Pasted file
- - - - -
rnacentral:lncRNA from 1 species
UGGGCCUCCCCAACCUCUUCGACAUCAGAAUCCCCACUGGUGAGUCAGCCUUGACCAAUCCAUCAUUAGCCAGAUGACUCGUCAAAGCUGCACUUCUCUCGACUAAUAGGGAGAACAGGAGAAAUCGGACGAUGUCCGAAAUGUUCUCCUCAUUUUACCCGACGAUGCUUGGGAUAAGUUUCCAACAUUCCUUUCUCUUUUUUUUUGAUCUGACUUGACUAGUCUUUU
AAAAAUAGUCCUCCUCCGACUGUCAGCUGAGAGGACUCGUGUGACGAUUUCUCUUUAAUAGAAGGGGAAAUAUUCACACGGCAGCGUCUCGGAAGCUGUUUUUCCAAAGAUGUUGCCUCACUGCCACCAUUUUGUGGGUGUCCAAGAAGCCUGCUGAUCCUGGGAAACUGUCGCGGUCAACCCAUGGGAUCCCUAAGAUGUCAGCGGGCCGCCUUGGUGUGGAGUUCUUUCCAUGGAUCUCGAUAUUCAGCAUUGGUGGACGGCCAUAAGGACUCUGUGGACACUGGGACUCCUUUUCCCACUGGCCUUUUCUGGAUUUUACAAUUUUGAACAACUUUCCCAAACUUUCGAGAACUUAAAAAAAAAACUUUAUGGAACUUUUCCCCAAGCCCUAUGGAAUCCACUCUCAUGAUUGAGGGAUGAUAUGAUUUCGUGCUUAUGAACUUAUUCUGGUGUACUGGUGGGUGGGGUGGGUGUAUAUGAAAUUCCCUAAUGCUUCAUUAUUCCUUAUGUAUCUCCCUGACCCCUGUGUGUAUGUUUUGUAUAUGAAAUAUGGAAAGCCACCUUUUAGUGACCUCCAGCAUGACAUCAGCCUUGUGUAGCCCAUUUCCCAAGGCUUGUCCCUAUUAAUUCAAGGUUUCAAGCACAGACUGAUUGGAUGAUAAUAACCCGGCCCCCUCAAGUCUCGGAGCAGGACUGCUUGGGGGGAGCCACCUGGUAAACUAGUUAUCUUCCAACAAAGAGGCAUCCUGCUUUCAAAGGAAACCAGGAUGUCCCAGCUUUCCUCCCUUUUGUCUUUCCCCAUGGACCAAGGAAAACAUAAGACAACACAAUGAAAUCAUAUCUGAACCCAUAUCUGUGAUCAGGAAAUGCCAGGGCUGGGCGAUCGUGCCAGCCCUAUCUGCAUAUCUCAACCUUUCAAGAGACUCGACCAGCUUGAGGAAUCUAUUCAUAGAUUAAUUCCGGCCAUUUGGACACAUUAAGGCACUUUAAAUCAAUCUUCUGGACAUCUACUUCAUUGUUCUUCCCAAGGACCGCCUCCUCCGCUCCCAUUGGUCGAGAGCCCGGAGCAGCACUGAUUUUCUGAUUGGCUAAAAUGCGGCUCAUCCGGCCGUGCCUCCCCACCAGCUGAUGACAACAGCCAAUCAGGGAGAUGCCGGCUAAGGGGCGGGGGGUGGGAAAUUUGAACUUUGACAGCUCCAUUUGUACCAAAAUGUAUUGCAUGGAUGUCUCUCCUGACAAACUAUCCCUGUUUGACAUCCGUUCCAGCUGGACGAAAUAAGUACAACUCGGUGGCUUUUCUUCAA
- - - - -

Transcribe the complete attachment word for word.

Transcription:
rnacentral:lncRNA from 1 species
UGGGCCUCCCCAACCUCUUCGACAUCAGAAUCCCCACUGGUGAGUCAGCCUUGACCAAUCCAUCAUUAGCCAGAUGACUCGUCAAAGCUGCACUUCUCUCGACUAAUAGGGAGAACAGGAGAAAUCGGACGAUGUCCGAAAUGUUCUCCUCAUUUUACCCGACGAUGCUUGGGAUAAGUUUCCAACAUUCCUUUCUCUUUUUUUUUGAUCUGACUUGACUAGUCUUUU
AAAAAUAGUCCUCCUCCGACUGUCAGCUGAGAGGACUCGUGUGACGAUUUCUCUUUAAUAGAAGGGGAAAUAUUCACACGGCAGCGUCUCGGAAGCUGUUUUUCCAAAGAUGUUGCCUCACUGCCACCAUUUUGUGGGUGUCCAAGAAGCCUGCUGAUCCUGGGAAACUGUCGCGGUCAACCCAUGGGAUCCCUAAGAUGUCAGCGGGCCGCCUUGGUGUGGAGUUCUUUCCAUGGAUCUCGAUAUUCAGCAUUGGUGGACGGCCAUAAGGACUCUGUGGACACUGGGACUCCUUUUCCCACUGGCCUUUUCUGGAUUUUACAAUUUUGAACAACUUUCCCAAACUUUCGAGAACUUAAAAAAAAAACUUUAUGGAACUUUUCCCCAAGCCCUAUGGAAUCCACUCUCAUGAUUGAGGGAUGAUAUGAUUUCGUGCUUAUGAACUUAUUCUGGUGUACUGGUGGGUGGGGUGGGUGUAUAUGAAAUUCCCUAAUGCUUCAUUAUUCCUUAUGUAUCUCCCUGACCCCUGUGUGUAUGUUUUGUAUAUGAAAUAUGGAAAGCCACCUUUUAGUGACCUCCAGCAUGACAUCAGCCUUGUGUAGCCCAUUUCCCAAGGCUUGUCCCUAUUAAUUCAAGGUUUCAAGCACAGACUGAUUGGAUGAUAAUAACCCGGCCCCCUCAAGUCUCGGAGCAGGACUGCUUGGGGGGAGCCACCUGGUAAACUAGUUAUCUUCCAACAAAGAGGCAUCCUGCUUUCAAAGGAAACCAGGAUGUCCCAGCUUUCCUCCCUUUUGUCUUUCCCCAUGGACCAAGGAAAACAUAAGACAACACAAUGAAAUCAUAUCUGAACCCAUAUCUGUGAUCAGGAAAUGCCAGGGCUGGGCGAUCGUGCCAGCCCUAUCUGCAUAUCUCAACCUUUCAAGAGACUCGACCAGCUUGAGGAAUCUAUUCAUAGAUUAAUUCCGGCCAUUUGGACACAUUAAGGCACUUUAAAUCAAUCUUCUGGACAUCUACUUCAUUGUUCUUCCCAAGGACCGCCUCCUCCGCUCCCAUUGGUCGAGAGCCCGGAGCAGCACUGAUUUUCUGAUUGGCUAAAAUGCGGCUCAUCCGGCCGUGCCUCCCCACCAGCUGAUGACAACAGCCAAUCAGGGAGAUGCCGGCUAAGGGGCGGGGGGUGGGAAAUUUGAACUUUGACAGCUCCAUUUGUACCAAAAUGUAUUGCAUGGAUGUCUCUCCUGACAAACUAUCCCUGUUUGACAUCCGUUCCAGCUGGACGAAAUAAGUACAACUCGGUGGCUUUUCUUCAA